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As usual, I greatly enjoyed the April edition of American History, including Charles Phillips’ article on the Triangle fire. In the article, Mr. Phillips states that Alfred E. Smith, one of the driving forces behind the New York Factory Investigating Commission, went on to become the Democratic nominee for the presidency in 1924 and 1928. In fact, Smith, despite a rousing nominating speech by Franklin Roosevelt, lost the 1924 nomination on the 103rd ballot to John W. Davis. Smith was, however, the party nominee in 1928.

Donald A. Bruckman

Stockton, N. J.

The editors reply: We stand corrected.


In the February 2006 article “Give Me Liberty or Give Me Death,” the author states that we know Patrick Henry addressed the Virginia Convention in March 1775, but “there is no existing text of his actual words.” Does this mean that his biographer could have written this most famous quotation while Mr. Henry may have spoken about the fine spring weather?

Michael Karger

Manhattan Beach, Calif.

The editors reply: That Patrick Henry might have rhapsodized about the weather is possible but not probable. His biographer, William Wirt, through correspondence with many who had witnessed the speech, knew that it had a profound impact, but no one could recall Henry’s exact words.


I have subscribed to American History since April 1989 and I have saved each issue. I have retired to Elkton, Md., and take classes in early American history at Cecil (County) Community College. I find myself going back through your publications to gain additional information and a different perspective on the specific subject I am studying. Your articles are very informative and helpful. I am very glad I have saved those earlier issues.

I know that from time to time an error or misstatement may be made. Most of the time, corrections are made. With this in mind, I would like to bring your attention to the article “Vexatious Evils” in your December 2005 issue in which the author refers to Washington’s campaign from “Elkton, Md.,” to Germantown, Pa. I wish to point out that in August 1777, when Washington observed the British camped at Elk Landing, Elkton was known as “Head of the Elk.” Not until many years later was the name changed to Elkton.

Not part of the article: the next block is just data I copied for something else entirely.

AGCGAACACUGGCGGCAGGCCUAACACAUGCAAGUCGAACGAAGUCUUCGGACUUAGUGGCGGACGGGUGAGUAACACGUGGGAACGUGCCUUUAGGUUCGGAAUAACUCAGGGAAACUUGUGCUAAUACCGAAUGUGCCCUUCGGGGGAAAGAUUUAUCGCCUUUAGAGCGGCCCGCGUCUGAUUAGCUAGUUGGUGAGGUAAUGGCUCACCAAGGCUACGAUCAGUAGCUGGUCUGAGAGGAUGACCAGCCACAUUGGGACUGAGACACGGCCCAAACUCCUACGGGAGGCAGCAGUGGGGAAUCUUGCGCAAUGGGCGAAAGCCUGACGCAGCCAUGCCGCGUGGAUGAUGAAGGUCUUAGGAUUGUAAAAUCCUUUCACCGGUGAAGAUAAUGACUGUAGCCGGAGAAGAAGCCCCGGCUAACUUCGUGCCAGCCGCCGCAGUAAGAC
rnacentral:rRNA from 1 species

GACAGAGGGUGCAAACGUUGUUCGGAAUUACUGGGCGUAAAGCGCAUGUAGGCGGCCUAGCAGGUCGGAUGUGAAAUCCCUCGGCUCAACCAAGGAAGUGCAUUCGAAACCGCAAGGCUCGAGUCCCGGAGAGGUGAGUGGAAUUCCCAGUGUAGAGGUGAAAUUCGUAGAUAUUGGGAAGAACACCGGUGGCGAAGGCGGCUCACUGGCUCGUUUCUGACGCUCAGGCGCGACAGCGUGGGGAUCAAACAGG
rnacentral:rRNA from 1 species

Carl Tosi

Elkton, Md.


At the end of the article about Ben Franklin’s inventions in the February 2006 issue, you included photographs of the two sides of a Continental dollar. When I was a kid in my dad’s barber shop in the 1930s, I often heard that a thing or person or idea or proposal was “not worth a Continental.” I have never heard any explanation of the source of that expression. Did the Continental dollar suffer some loss of value to give rise to that comparison? Why? When? Dad and many of his customers were Tennesseans. Is there a Civil War connection?

Fred Reed

Fort Gratiot, Mich.

The editors reply: Since the Continental Congress had no power to tax, it had virtually nothing to back up the value of the currency it minted to support the war effort. As Congress ordered more and more printed, that currency became worthless. While it is often difficult, and dangerous, to ascribe origins to some of our common expressions, conventional wisdom does associate “not worth a Continental” with that Revolutionary War currency. Franklin’s coin was but one example. To our knowledge, there is no Confederate connection.


In the December 2005 issue of American History, Mike Oppenheim reviewed Andrew Jackson: A Life and Times by H.W. Brands. In his review, Oppenheim stated that in the 1820 presidential election James Monroe became only the second president to be elected unanimously. This is the first time I have heard of anyone besides George Washington being elected unanimously. The only reference to this matter I found in Brands’ biography is on P. 356 where the author states that “Monroe—who had been reelected in 1820 in the only uncontested presidential race in American history….”

“Elected unanimously” and “elected without contest” mean two different things to me, and I would like some clarification. I am a history teacher and have always taught that Washington was the only president elected unanimously, but now I am a bit perplexed.

Anthony Perry

via e-mail

Oppenheim replies: I always gnash my teeth when caught in an error; however, in this case I can defend myself, at least to my satisfaction. No one ran against Monroe, and every elector chosen in 1820 was pledged to him, so in that sense the election was unanimous. Of a possible 235 electoral votes, Monroe garnered 231. Three Monroe electors died before casting their votes, and William Plummer of New Hampshire disliked Monroe so much that he voted for John Quincy Adams despite his pledge.


Originally published in the June 2006 issue of American History. To subscribe, click here